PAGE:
Pdf/E–book [Архипелаг ГУЛаг 1918 1956 Опыт художественного исследования III IV Arhipelag GULag] Û Aleksandr Solzhenitsyn

WowThe first volume of Soltzhenitsyn s book was fantastic this one is so much better Yes part 3 which consists about 597 of the 672 pages drags after a while In it he takes the reader through the Gulag with chapters on the overseers the children and pretty much every other aspect of the camps We know it is vital to never forget the horrors of 20th century totalitarianism and this book ought to be reuired reading to help us never forget But it is the short part four where the best of the book comes in Soltzhenitsyn talks about how the camp brought out who people really are People he argues did not become evil in the camp Rather they were already evil and this brought it out This reminds me of Jesus teachings about those faithful in small things will be iven Who are really are when you re poor and insignificant will be amplified if HAMSTERS! A Fabulous Anthology (for Fabulous Raye) given the chance At the same time Soltzhenitsyn reminds us that it is not just that some are evil for that dividing line runs through each of us fun fact that is the one uote you may be familiar with and he says it twice having said it early in volume 1 How does that work How is it both true that people in the camps who became corrupt already were like that as opposed to those in the campus who persevered Soltzhenitsyn speaks about a moral core a nucleus and I think that s it We are all capable of horrific things If I look at those campuards the people who performed horrible acts and recognize they are part of the same human race that has to be humbling I m just as human as they are I am just as capable of evil for that line Shine: The Visual Economy of Light in African Diasporic Aesthetic Practice goes right through me We need to be honest with who we are and discover that moral nucleus that would enable us to persevere in the worst circumstances As our culture leaves some of its traditional foundations for morals behindits easy to think we re in trouble as a culture May we not be too uick to leave the wisdom of the past behind This brings me back to Frankl s Man s Search for Meaning which I read recently If the Gulag is too intimidating in its length check that one out first Then come back hereSo slog through the first 600 pages and read closely the last 80 Its worth it The fact that Solzhenitsyn made it out of the Gulag alive and blessed us with this book is an absoluteift This is the most influential book I ve read to date in my life A Masterpiece Gradually it was disclosed to me that the line separating ood and evil passes not through states nor between classes nor between political parties either but right through every human heart and through all human hearts This line shifts Inside us it oscillates with the years And even within hearts overwhelmed by evil one small bridgehead of ood is retained And even in the best of all hearts there remains an unuprooted small corner of evil I started reading this series after a verbal altercation with an individual over my American upbringing and challenged notions about the Soviet Union and its actuality As someone who does not like being challenge So we re through Volume Two of this behemoth indictment on the evils that occurred in Russia between the years of 1918 and 1956 As I stated in the review of Volume One the level of emotional intensity at which this series of books is written is pretty unbelievable It s no wonder this book is credited as helping to bring down the Soviet UnionThis volumes two parts focus on camp and camp life where you end up after interrogation and transit prisons covered in the first book then an unbelievable chapter called The Soul and Barbed Wire Only those can understand us who ate from the same bowl with us Hutzul irlThere is no limit to what should be included in this part To attain and encompass its savage meaning one would have to drag out many lives in the camps the very same in which one cannot survive for even one term without some special advantage because they were invented for destruction And from this it follows that all those who drank of this most deeply who explored it most fully are already in their raves and cannot tell us No one now can ever tell us the most important thing about these camps And the whole scope of this story and of this truth is beyond the capabilities of one lonely pen All I had was a peephole into the Archipelago not the view from a towerTo taste the sea all one needs is one خداوند الموت: حسن صباح gulpIn all the brightness it is as if there were no sin presentit is as if nature here had not yet matured to the point of sin Prishvin describing the Solovetski IslandsSo we begin at what Iather was one of the first campsbefore the Islands metastasized The Solovetski IslandsHow had it happened that the hares had not been exterminated They would explain it to the newcomer this way The little beasts and birds are not afraid here because there is a GPU order in effect Save ammunition Not a single shot is to be fired except at a prisonerDescribing a night wherein three men executed 300 prisoners at the cemetery on SolovetskiBy night s end at any rate he was seen washing off the blood soaked tops of his boots one after the other over a washbasinThey tops of his boots one after the other over a washbasinThey drunk and careless and in the morning the enormous pit only lightly covered over was still stirring and movingHere he talks about how a certain Judge Leibowitz of New York acclaimed the Gulag system after he visited itOh what an intelligent farsighted humane administration from top to bottom as Supreme Court Judge Leibowitz of New York State wrote in Life magazine after having visited Gulag In serving out his term of punishment the prisoner retains a feeling of dignity That is what he comprehended and sawOh fortunate New York State to have such a perspicacious jackass for a judgeAnd oh you well fed devil may care nearsighted irresponsible foreigners with your notebooks and your ball point pens how much you have harmed us in your vain passion to shine with understanding in areas where you did not Girl in the Blue Coat grasp a lousy thingAnd things onlyot worse in camps after this little Marxist Hunter Kiss gem was implementedThey dug down deeper into the storage chest of history and dragged out what Marx had called extraeconomic coercion In camp and on collective farms this discovery was presented with bare fangs And then Frenkel came along and like a devil sprinkling a poison into the boiling cauldron he poured in the differentiated ration pot There was a famous incantation repeated over and over again In the new social structure there can be no place for the discipline of the stick on which serfdom was based nor the discipline of starvation on which capitalism is basedAnd there you are the Archipelago managed miraculously to combine the one and the otherHere we finallyet into some of the authors experiences in his first hard labor campAnd tomorrow would be the same and every day six cars of red clay three scoops of black Doctor Sleep gruel In transit prison too we seemed to haverown weak but here it went much faster There was already a ringing in the head That pleasant weakness in which it is easier to Karma's A Sexy Bitch: Choose Your Own Erotic Fantasy Adventure give in than to fight back kept coming closer And in the barracks total darkness We lay there dressed in everything wet on everything bare and it seemed it was warmer not to take anything off like a poultice Open eyes looked at the black ceiling at the black heavens Good Lord Good Lord Beneath the shells and the bombs I begged you to preserve my life And now I beg you please send me deathSolzhenitsyn is describing the common way death occurred in campThe diarrhea takes out of a man both strength and all interest in other people in life in himself Herows deaf and stupid and he loses all capacity to weep even when he is being dragged along the Mythological Beasts Turned Me Gay: Three Book Collection: (Mythology Erotica) ground behind a sledge He is no longer afraid of death he is wrapped in a submissive rosylow He has crossed all boundaries and has forgotten the name of his wife of his children and finally his own name too Sometimes the entire body of a man dying of starvation is covered with blue black pimples like peas with pus filled heads smaller than a pinhead his face his arms legs his trunk even his scrotum It is so painful he cannot be touched The tiny boils come to a head and burst and a thick wormlike string of pus is forced out of them The man is rotting aliveBut there is one form of early release that no bluecap can take away from the prisoner This release is death And this is the most basic the steadiest form of Archipelago output there is with no normsIn the autumn of 1941 Pechorlag the railroad camp had a listed population of fifty thousand prisoners and in the spring of 1942 ten thousand During this period not one prisoner transport was sent out of Pechorlag anywhere so where did the forty thousand prisoners This All Encompassing Trip: Chasing Pearl Jam Around The World go I have written thousand here in italics why Because I learned these figures accidentally from a zek who had access to them But you would not be able toet them for all camps in all periods nor to total them upTalking about checking the dead every single dayThis was seldom like an autopsy a long vertical cut from neck to crotch breaking leg bones pulling the skull apart at its seam Mostly it was not a surgeon but a convoy Scouts guard who verified the corpse to be certain the zek was really dead and not pretending And for this they ran the corpse through with a bayonet or smashed the skull with a big mallet And right there they tied to the big toe of the corpse s right foot a tag with his prison file numberOne of my favorite parts was when he went through some of the ridiculous ways you couldet arrested and et a tenner in ulagorachevsky had been iven only five years GULAGOrachevsky had been iven only five years had been imprisoned for a facial crime really out of Orwell for a smilewhile showing another teacher in the classroom something in Pravda he had smiled The other teacher was killed soon after so no one ever found out what Orachevsky had been smiling at But the smile had been observed and the fact of smiling at the central organ of the Party was in itself sacrilegeA tailor laying aside his needle stuck it into a newspaper on the wall so it wouldn t et lost and happened to stick it in the eye of a portrait of Kaganovich A customer observed this Article 58 ten years terrorism A saleswoman accepting merchandise from a forwarder noted down on a sheet of newspaper There was no other paper The number of pieces of soap happened to fall on the forehead of Comrade Stalin Article 58 ten yearsHowever for the most part fantastic accusations were not really reuired There existed a very simple standardized collection of charges from which it was enough for the interrogator to pick one or two and stick them like postage stamps on an envelopeDiscrediting the LeaderA negative attitude toward the collective farm structureA negative attitude toward state loans and what normal person could have a positive attitudeA negative attitude toward the Stalinist constitutionA negative attitude toward whatever was the immediate particular measure being carried out by the PartySympathy for TrotskyFriendliness toward the United StatesEtc etc etcHe talks of prisoners who although imprisoned for ridiculous and false transgressions remained dead red orthodox Communists throughout their whole internmentHe is impenetrable He speaks in a language which reuires no effort of the mind And arguing with him is like walking through a desert It s about people like that that they say he made the rounds of all the smithies and came home unshod And when they write in their obituaries perished tragically during the period of the cult this should be corrected to read perished comicallyTake Prokhorov Pustover also a Bolshevik though not a Party member who turned in zeks for deliberately failing to fulfill work norms He used to report this to the chiefs and the zeks ot punished To the zeks reproaches that he must realize it was slave labor Pustover replied That s a strange philosophy In capitalist countries the workers struggle against slave labor but we even if we are slaves work for a socialist state not for private persons These officials are only temporarily in power One blow from the peopleand they will disappear but the people s state will remainIt sa jungle the consciousness of an orthodox Communist It s impossible to make sense of itDiscussing escape attemptsBut a man who seriously undertook to escape became very swiftly fearsome Some of them set fire to the taiga behind them in order to Silver in the Wood get the dogs off their trailIn 1949a fugitive was detained with human flesh in his knapsack he had killed an unconvoyed artist with a five year term who had crossed his pathand had not yet had the chance to cook itIn the spring of 1947 in the Kolymatwo convoyuards were leading a column of zeks And suddenly one zekskillfully attacked the convoy uards on his own disarmed them and shot them both The bold fellow announced to the column that it was free But the prisoners were overwhelmed with horror no one followed his lead and they all sat down right there and waited for a new convoyAnd then he took up the rifles thirty two cartridges thirty one for them and left alone He killed and wounded several pursuers and with his thirty second cartridge he shot himself The entire Archipelago might well have collapsed if all former front liners had behaved as he didDiscussing thieves read knights and there treatment under their ridiculous lawsHere is what our laws were like for thirty years For robbery of the state embezzlement of state funds a packing case from a state warehouse for three potatoes from a collective farm ten years But robbery of a free person Suppose they cleaned out an apartmentIf it was not accompanied by murder then the sentence was up to one year sometimes six months The thieves flourished because they were encouraged Through its laws the Stalinist power said to the thieves clearly Do not steal from me Steal from private persons You see private property is a belch from the pastDiscussing the actual uardsThe convoy had nothing to fear from any investigation and did not have to ive any explanations Every convoy uard who fired was. Drawing on his own incarceration and exile as well as on evidence from than 200 fellow prisoners and Soviet archives Aleksandr I Solzhenitsyn reveals the entire apparatus of Soviet repression the state within the state that ruled all powerfully Through truly Shakespearean portraits of its vic. Архипелаг ГУЛаг 1918 1956 Опыт художественного исследования III IV Arhipelag GULagPeople died and in number at the end of Stalin s reign all of Russia was covered with watch towers and barbed wire Solzhenitsyn himself a camp and cancer survivor compares the Gulag system to cancer the Gulag system developed metastasized and hardened This comparison is very helpful in understanding this monstrous piece of history After this short historical explanation Solzhenitsyn then uses almost 80% of Volume 2 to explain all the inns and outs of camp life He divides this up into The Second Cure groups of people for example explaining how women suffered from camp life how thieves ruled the camps how political prisoners were treated how people were recruited to spy on follow inmates the trusties and stool pigeons The picture that emerges is a system of forced labour that was ultimately bureaucratically enforced from above ie Moscow but which was in practice composed of layers of hierarchies The Soviets used human nature to make things work for them by introducing unreachable work norms theyave themselves the stick with which to punish prisoners randomly They set up shock workers and competition between work brigades to make the prisoners work effectively and efficiently One wonders why communism accepted this form of free market competitionIn Essential Andhra Cookbook: With Hyderabadi and Telengana Specialities general everyone was set up against everyone all day and on all domains food work bunks social relations etc By doing this the state thought up a brilliant scheme that allowed a handful ofuards to oversee hundreds of thousands of prisoners that freely submitted to the most horrible conditions a human being can think of This same mechanism by the way can be seen when one looks at the American slave trade or the Holocaust People who submit freely to the most inhumane conditions only because of fear and divisionAlas the main port of Volume 2 which deals with the life of the persons in camp is interesting but can become rather long winded Example after example after example After 250 pages one The Sorcerer's Apprentice gets the picture just fine in camp the prisoner was submitted to anything one can think of and then some It doesn t really matter if Solzhenitsyn explains the fate of men women political prisoners thieves the USSR s slogan From each according to his ability to each according to his needs is very appropriate here Women of course were degraded and humiliated byang rapes enforced prostitution all kinds of perverse torture but also by horrible working conditions and plain violence And so were the men just in different ways And the distinction between political and non political prisoner wasn t really important for the experience of camp life as well only when it came to amnesties and decreesAnyway the first 600 pages of the book except for the historical explanation of the Gulag system are all about these camp experiences This makes the book somewhat less focused and less impressive as a political argument than Volume1 But the experiences themselves are heart breaking unbelievable and simply unthinkable Solzhenitsyn somewhere states that the stories of these human beings many of whom perished in the camps long before the book was published serve as a statement the lives and experiences of these people deserve to be written down in history s book Just like in Volume 1 Solzhenitsyn doesn t shy away from naming and shaming While protecting his sources by hiding full names he doesn t protect the perpetrators and career bureaucrats who convicted innocent people by the thousands and tortured killed and punished millions One can read Solzhenitsyn s own hate towards these people and this is entirely understandable It in no way affects the factual side of the stories while it conveys the inhumanity of the Soviet Union very strongly The last part of the book less than 10% of the whole volume is the most interesting part In part 4 Solzhenitsyn Eagle's Gate goes off on a philosophical and psychological tour de force He reflects on what life in a forced labour camp brutal repetitive and meaningless work under harsh inhumane conditions and for decades long does to a person According to him the Gulag separates the wheat from the chaff The camp shows who isood and who is bad The fault line between the two is located not in society but in the heart of a human being People can be both World War Z. La guerra mondiale degli zombi good and bad at different places and at different times It is your decisions in a your reaction to a particular situation and time that make youood or bad And according to Solzhenitsyn most of the camps were filled with bad people People who cheated lied thieved murdered and snitched their way to survival opportunists with the motto Rather you than me today A minority of people stuck to their own convictions and morality mostly intellectuals who were born and raised to be ethical people Usually the cost of such behaviour was death but sometimes someone managed to survive It is these people that Solzhenitsyn puts on a pedestal Solzhenitsyn s philosophy is simple A person arrested imprisoned tortured interrogated convicted transported to camp and entering camp life for the first time is someone who has to renounce everything and everyone he has His life is over the moment he enters the camp And then life truly begins deprived of everything such a person can flee inside his own mind the one and only bastion the uards will never be able to take not even through propaganda One learns to adapt to camp life and to reflect on one s past life The future doesn t exist any In a sense this is almost a mode of contemplation it resounds somewhat like the Christian martyrs who were persecuted heavily under the Roman Empire Camp life forces the human being to show his or her true colours Am I ood or bad There s no hiding my face any Am I unconuerable and free or suffering and lowly Solzhenitsyn s philosophy sounds like Nietzsche on steroids Nietzsche claimed life is suffering and it s the way that one responds to life s sufferings that determines who one is But while Nietzsche was never really put to the test his suffering comprised a professorship turned sour a love that never was and a failing eyesight Solzhenitsyn was able to see this existentialist claim unfold in reality He states that communis opinion especially under survivors and intellectuals is that people are bad in essence and just tried to survive He also states that although most people in the Soviet Union fell for the corruption and deceit there were much Who Is Muhammad Ali? good people than is accepted ineneral He mentions examples of how inmates helped each other and how even state officials and civil servants sometimes tried to help even though most of all the people officials and civilians alike were picking survival over humanity The Soviet Union was a society that was structured on purpose to create continuous feelings mistrust secrecy fear and helplessness which permeated to every nook and cranny Anyone could be an informer for the NKVD later KGB spouses informed on their partner even children denounced their parents The oal of these policies was to create a maximally divided society in which every person was on its own and could be hauled off to the camps every moment This is a society in Which The People In Power Can Control the people in power can control aspect of every person s life Totalitarianism It is interesting to note here that the Soviets had a youth movement that indoctrinated eneration after eneration on the threat of internal enemies of communism the future bureaucrats and camp uards Even Hitler and his Hitler jugend bleaks in comparisonTo end this review it is interesting uote Solzhenitsyn on the effects of such a policy of mass fear secrecy and mistrust In 1949 the father of a irl who was a fellow student of VI s was arrested In these cases everyone would shun such a student and that was considered natural But VI did not shun her and openly expressed sympathy with the irl and tried to find ways to help her out Frightened by such unusual conduct the A Secret Kept girl rejected VI s help and participation and lied to him saying she did not believe in the innocence of her arrested father and that he had evidently concealed his crime from his family all his life And it was only during the times of Khrushchev that their tongues were loosened theirl told him she had decided he was either a police informer or else a member of an anti Soviet organization out to rope in the dissatisfiedThis universal mutual mistrust had the effect of deepening the mass rave pit of slavery The moment someone began to speak up frankly everyone stepped back and shunned him A provocation And therefore anyone who burst out with a sincere protest was predestined to loneliness and alienation p 636Anyone who was only superficially related to someone arrested was excommunicated by everyone around himher This is how a society tries to continue in the face of continuous terror and threat People would offer servitude to those in power they would retreat into secrecy and mistrust others they would act ignorant they would inform on others either voluntarily out of fear or as a recruited informant they would betray anyone without the blink of an eye become corrupt and cruel In such a society the masses always bending for those in power out of sheer egoism and survival will throw anyone to the wolves If I can just escape this sticky situation I ll do anything to live Stalin was able through his reign of terror to totally control the masses He was able to do this only because he disposed of all the people who thought for themselves and were critical of inhumane ways and repression People who saw through the fa ade of communism it was not the rule of the workers and certainly not To each according to his needs it was fascism plain and simple There really is no different between Hitler and Stalin or Nazi Germany and Soviet Russia It is important to repeat that the intelligentsia almost always serves as a bulwark to primitive emotions The masses are easily stirred up and are controlled easily through psychology All dictators and regimes fear the intelligentsia because criticism sows doubt And doubt leads to reflecting on what s ood and what s bad This is counterproductive to oppression and exploitation Nowadays it is uite convenient to declare that arrest was a lottery Ehrenburg Yes it was a lottery all right but some of the numbers were fixed They threw out a eneral dragnet and arrested in accordance with assigned uota figures yes but every person who objected publicly they rabbed that very minute And it turned into a selection on the basis of souls not a lottery Those who were bold fell beneath the axe were sent off to the Archipelago and the picture of the monotonously obedient freedom remained unruffled All those who were purer and better could not stay in that society and without them it kept etting and trashy You would not notice these uiet could not stay in that society and without them it kept etting and trashy You would not notice these uiet at all But they were in fact the dying of the soul of the people p 642Notice the emphasis on uota figures The Soviet Union was a state that enforced order through rigid control uota figures conseuences net benefits were leading human beings were just a means to reach the desired outcome And the intelligentsia were an obstacle a hindrance since they exposed the insanity of the planThis also parallels Hitler s Du bist nichts dein Volk ist alles and Deutschland ber alles the German people were to be sacrificed in order to the reach the desired outcome world domination Lebensraum and the destruction of the Jews Judenfrage Also in this case the intelligentsia was a major nuisance it s just that most of them fled to other parts of the world those remained either converted to Nazism Heidegger Heisenberg etc or were among the first to perish in campsThe Gulag Archipelago is a timeless monument of History In my opinion it should be part of curricula on schools It will open the eyes off all these younger Tricycle (HISTOIRE) generations of people who haverown up in wealth health and prosperity and who take progress for ranted Most of those people have leanings towards Marxism although it is mostly cultural as opposed to economic Marxism nowadays These people have no inkling about their own place in history their ignorance makes them live off the savings of earlier enerations and they re suandering everything pretty fast Personal liberty and economic liberty albeit in clearly circumscribed areas are among the most exalted human discoveries ever We should take note of past mistakes learn from them and recognize totalitarianism for what it is especially in the age of the internetCf China s implementation of a digital system that rewards people social credits for Let Freedom Reign': The Words of Nelson Mandela. Henry Russell good deeds Of course theood is defined by the Party and through in built incentives those in power can steer the masses to act accordingly You don t want to follow our policies and views All right you won t et credits hence you will not be able to live in a city or have a job Volume two was just as soul crushing as Volume I full review to come at the end of Volume III The section entitled The Soul and Barbed Wire certainly makes the journey Volume III The section entitled The Soul and Barbed Wire certainly makes the journey and I am very lad to be reading the unabridged version Finally can start reading this again I ot a replacement though it be a lowly paperback reprint as I m no longer wealthy for my 1st edition that the USPS lost when I moved along with 36lbs of other collectible and expensive books several volumes of A Study of History unabridged Hitler s War Inwagen s Metaphysics A Secular Age Philosophy for Graduate Students The World as Will and Representation vols 1 and 9 of Copleston s history Wilson s Sociobiology Wittgenstein s Investigations Strauss Howe Generations a 1st edition of Race Evolution Behavior by Rushton The Camp of the Saints Plantinga s Warrant books Chadwick s 140 study of the Great Schism the Denzinger 46th ed Heresy and Authority in the Middle Ages the collected Plato and Aristotle the life of Darwin Suetonius and Livy in Loeb editions etc etc assholes delivered the lid of my box in a bag with a snide apology for losing the other 5 sides of the box. Ho defenseless endured reat brutality and degradation The Gulag Archipelago 1918 1956 a risly indictment of a regime fashioned here into a veritable literary miracle has now been updated with a new introduction that includes the fall of the Soviet Union and Solzhenitsyn's move back to Russi.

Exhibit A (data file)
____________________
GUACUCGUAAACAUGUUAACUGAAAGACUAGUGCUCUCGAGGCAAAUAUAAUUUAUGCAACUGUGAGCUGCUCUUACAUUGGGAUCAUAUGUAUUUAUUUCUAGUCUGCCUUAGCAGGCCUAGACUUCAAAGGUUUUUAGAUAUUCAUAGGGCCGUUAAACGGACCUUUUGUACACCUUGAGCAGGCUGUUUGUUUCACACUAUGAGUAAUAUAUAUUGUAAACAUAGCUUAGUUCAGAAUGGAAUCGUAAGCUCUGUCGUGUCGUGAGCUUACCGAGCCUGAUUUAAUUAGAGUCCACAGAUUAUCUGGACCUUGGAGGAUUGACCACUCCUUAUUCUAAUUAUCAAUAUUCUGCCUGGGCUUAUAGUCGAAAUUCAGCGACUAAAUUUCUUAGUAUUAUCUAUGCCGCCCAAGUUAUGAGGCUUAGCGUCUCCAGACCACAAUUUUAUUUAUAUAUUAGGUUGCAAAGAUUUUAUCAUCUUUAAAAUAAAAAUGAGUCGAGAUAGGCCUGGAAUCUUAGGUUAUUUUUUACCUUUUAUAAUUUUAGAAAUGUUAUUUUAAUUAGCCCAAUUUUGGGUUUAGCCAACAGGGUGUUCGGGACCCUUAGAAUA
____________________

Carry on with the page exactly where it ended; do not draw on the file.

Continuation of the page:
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Right Every prisoner killed was uiltyAt the Rudram in Tamil gatehouse a zek ran up to auard with a release document and asked Let me through I am oing to the laundry outside the camp compound I ll only be a minute You can t But tomorrow I m oing to be free fool The KaBOOM!: One Entrepreneur's Quest to Build Community SAVE PLAY! guard shot him dead And there wasn t even a trialIn 1938a forest fire flew with the speed of a hurricaneand from the forest into two camps What was to be done with the zeks The decision had to be made instantly there was no time to consult with higher jurisdictions Theuards refused to release them and they all burned to death That was the easy way If they had been released and escaped the uards would have been court martialedNow we re finally on to Part IV The Soul and Barbed Wire Behold I shew you a mystery we shall not all sleep but we shall all be changed I Corinthians 1551Think Draw some conclusions from the misfortune And all that endless time after all the prisoner s brains and souls are not inactive In the mass and from a distance they seem like swarming lice but they are the crown of creation right After all once upon a time a weak little spark of God was breathed into them too is it not true So what has become of it nowAlong our chosen road are twists and turns and twists and turns Uphill Or up into the heavens Let s o let s stumble and stagger The day of liberation What can it ive us after so many years We will change unrecognizably and so will our near and dear onesAnd the thought of freedom after a time even becomes a forced thought Far fetched Strange The day of liberation As if there were any liberty in this country Or as if it were possible to liberate anyone who has not first become liberated in his own soulHis friend telling him a story while he s in the hospitalAnd on the whole do you know I have become convinced that there is no punishment that comes to us in this life on earth which is undeserved Superficially it can have nothing to do with what we are uilty of in actual fact but if you Who on God's Earth do you 'think' you are?: A true story about TRANSCENDING the ILLUSION of SEPARATION go over your life with a fine tooth comb and ponder it deeply you will always be able to hunt down that transgression of your for which you have now received this blowThe Nuremberg Trials have to be regarded as one of the special achievements of the twentieth century they killed the very idea of evil though they killed very few of the people who had been infected with itAnd if by the twenty first century humanity has not yet blown itself up and has not suffocated itself perhaps it is this direction that will triumph Yes and if it does not triumph then all humanity s history will have turned out to be an empty exercise in marking time without the tiniest mite of meaning Whither and to what end will we otherwise be moving To beat the enemy over the head with a club even a caveman knew thatAnd that is why I turn back to the years of my imprisonment and say sometime to the astonishment of those about me Bless you prisonAll human emotions love friendship envy love of one s fellows mercy thirst for fame honesty fell away from us along with the meat of our musclesWe had no pride no vanity and even jealousy and passion seemed to be Martian conceptsThe only thing left was anger the most enduring of human emotions We came to understand that truth and falsehoods were kind sistersThose people became corrupted in camp who had already been corrupted out in freedom or who were ready for it Because people are corrupted in freedom too sometimes even effectively than in campIn a culture of corruption and liesthe stronget eaten firstYes it was a lottery all right but some of the numbers were fixed They threw out a eneral dragnet and arrested in accordance with assigned uota figures yes but every person who objected publicly they rabbed that very minute And it turned into a selection on the basis of soul not a lottery Those who were bold fell beneath the axe were sent off to the Archipelago and the picture of the monotonously obedient freedom remained unruffled All those who were purer and better could not stay in that society and without them it kept etting and trashy you would not notice these uiet departures at all But they were in fact the dying of the soul of the peopleI ll end with thisLooking back I saw that for my whole conscious life I had not understood either myself or my strivings What had seemed for so long to be beneficial now turned out in actuality to be that which was truly necessary to me But just as the waves of the sea knock the inexperienced swimmer off his feet and keep tossing him back onto the shore so also was I painfully tossed back on dry land by him back onto the shore so also was I painfully tossed back on dry land by blows of misfortune And it was only because of this that I was able to travel the path which I had always really wanted to travel It was ranted me to carry away from my prison years on my bent back which nearly broke beneath its load this essential experience how a human being becomes evil and how Judy Blume: Fearless Storyteller for Teens good In the intoxication of youthful successes I had felt myself to be infallible and I was therefore cruel In the surfeit of power I was a murderer and an oppressor In my most evil moments I was convinced that I was doingood and I was well supplied with systematic arguments And it was only when I lay there on rotting prison straw that I senses within myself the first stirrings of ood Gradually it was disclosed to me that the line separating ood and evil passes not through states nor between classes nor between political parties either but right through every human heart and through all human hearts This line shifts Inside us it oscillates with the years And even within hearts overwhelmed by evil one small bridgehead of ood is retained And even in the best of all hearts there small bridgehead of ood is retained And even in the best of all hearts there unuprooted small corner of evil Since then I have come to understand the truth of all the religions of the world They struggle with the evil inside a human being inside every human being It is impossible to expel evil from the world in its entirety but it is possible to constrict it within each person If one is to read only one part of the trilogy this is perhaps the one The first one has a lot of history and context which are relevant but not uniue I am sure the last one the one I am Jimmy: The Terrorist going through now will have a lot of views on conseuences and future The middle volumes are the core that defines the monumental workA lot of what I reviewed in the first volume is worth repeating If there is any literary work where no reviewer is even worthy of commenting this is perhaps that Our race has seen indescribable tragedies The worst are perhaps those created by men themselves Stalin sreat purge must rank near the top of any such list Solzhenitsyn s work ensures that future How to Live the James Bond Lifestyle: The Complete Seminar generations never forget its minutest details That the author published this at tremendous personal risks and post achievements like a Nobel prize which would make perhaps some other to turn less ambitious or brave embellishes thereat service this work has done to our societiesThat said this is an incredibly hard book to read The writing style is fluid Despite the voluminous details and hundreds of tales containing different types of people places and nature the rhythm is consistent and rarely containing too much than necessary Yet this encyclopedic work is like a dictionary or an almanack A reader s emotions would reach the revulsion limits early with the framework set in terms of what to expect The More scary stories for sleep-overs grimness is relentless and beyond a point many may feel sick worried about one s own sadistic tendencies to keep reading A tragedy involving millions could have tales differing somewhat that could last books hundreds of times as big or summarized with key details in a length perhaps one fifth Some like this reviewer may feeluilty leaving such a reat work midway as well and plod on Every reader may have her own point at which the book becomes too muchThe second volume focuses on the life in Gulag Gone are descriptions of events that led to the purge or explanations of the era defining terms like Gulag GPU NKVD Cheka the labour penal system etc This book is just about the slave like life in the labour camps The second volume of the Gulag trilogy is primarily focused on the work camps He continues his excellent narrative with some amazing stories and describes the people of the archipelago as they really were This is a remarkable work and should receive a wider audience than it does This book is about humanity at its best but often at its worst This is one of the most important works available to understand the human soul As I read this account of the decades of abuses inflicted on tens of millions of those ulag unfortunates I wondered for my character How would I behave were I a zek Would I find my way into the ranks of trusties Would I have survived or died within the camps What if I were a Heads of the Colored People guard or an officer ofuards Would I devolve into one of the monsters to force the zeks out into 40F winter weather insufficiently clothed to labor in the forests knowing many would die from the task If I were an ordinary citizen fortunate to avoid the camps how many family members friends coworkers or neighbors would I undermine to save my own skin These uestions so far disconnected from today s American lifestyle create some personal difficulty connecting with our current social disorders which seem rather trivial in comparison to the world Solzhenitsyn described Where were or are the tears for those tens of millions of souls most arbitrarily subjected to conditions beyond our daytime imagination All these uestions In Volume 1 of his influential and magnificent The Gulag Archipelago Russian writer and camp survivor Aleksandr Solzhenitsyn wrote about how the system of prison and forced labour camps arose in the 1920 s in the Soviet Union More than a reaction to the Soviets victory in the Civil War the Gulag system was a direct offshoot from communist ideology Communism as instated by Lenin and intensified by Stalin preached a radical collectivism mass confiscation by the state of all property and means of production and the erection of a totalitarian bureaucracy to redistribute products and property Forced labour really a system of concentration camps through which hundreds of millions of innocents passed and where tens of millions perished was a logical outcome of communism but also an important pillar on which the ideology rested People who in a healthy society are considered prisoners thieves murderers rapists were considered to be victims of bourgeois society people who in a healthy society are considered ordinary citizens were considered to be prisoners Communism inverted Dont You Dare Give Up guilty and innocent or rather it eradicated the concept ofuilt the camp was the destination for anyone whom the state deemed it to be expedient to be a prisoner uotas had to be fulfilled bureaucrats had to make careers the state had to produce food products and services for low costs ie free hence millions of prisoners were needed In Volume 1 of The Gulag Archipelago Solzhenitsyn not only explained how this system started and developed how Lenin created the Law Codes to justify these crimes how Stalin sent wave after wave to disappear in this system of sewage disposal most of all he explained what arrest imprisonment interrogation and transport to distribution centres and to camps meant to the person involved And how it felt Throughout Volume 1 Solzhenitsyn is able to ive detailed descriptions of the horrible conditions under which prisoners were treated and how prisoners were radually broken down and worn out to make them submit to the even brutal conditions of the GulagIn Volume 2 Solzhenitsyn leaves this period of arrest imprisonment interrogation conviction and transport This book again a huge tome spanning almost 700 pages is focused solely on the Gulag the camps He starts by explaining how the first camps already started functioning in the early twenties even when the Civil War was still raging Back then the churches on the Solovsky Islands an inhospitable harsh region in north western Russia were confiscated by the state and prisoners were radually sent there The whole region soon developed into a brutal forced labour regime where prisoners had to dig out entire canals It is almost impossible to convey the brutality the prisoner faced logging trees digging in mines or building canals for than twelve hours a day on 150 rams of bread and a cup of water They had to do all this without any tools or technology if they had some they were built from wood and were so primitive that they either broke down or that the construction project was a complete failure And we all know the conseuences this latter option implicated To show the deranged nature of the Soviet system even locks had to be created from wood Since the Soviet Union was based on communism and communism portrays itself to be an economic ideology it is interesting to make an analysis of the costs and benefits of this way of structuring society The benefits Canals that were dug so primitively and under such idiotic conditions that they were never officially taken into use Solzhenitsyn describes the building of the White Sea Baltic Sea and the Moscow Volga canals by forced labour but of course this has to be multiplied by hundreds or even thousands of such projects The costs 250000 people perished building the White Sea Baltic Sea canal 200000 people perished building the Moscow Volga canal But never mind this labour force after all is infinitely replaceable It has cost the state absolutely nothing well maybe the food and clothes if one can speak of these things at all but anything else was build on exploitation of human beingsAnd this was just in of these things at all but anything else was build on exploitation of human beingsAnd this was just in 1920 s when the Soviet Union was still in tatters and when Lenin even introduced policies of market economy to recover as uickly as possible Oh hypocrisy When Stalin took over the whole Gulag system spread far and wide and intensified in duration sentences ranged from 10 25 years in brutality many millions of. Tims men women and children we encounter secret police operations labor camps and prisons; the uprooting or extermination of whole populations the welcome that awaited Russian soldiers who had been German prisoners of war Yet we also witness the astounding moral courage of the incorruptible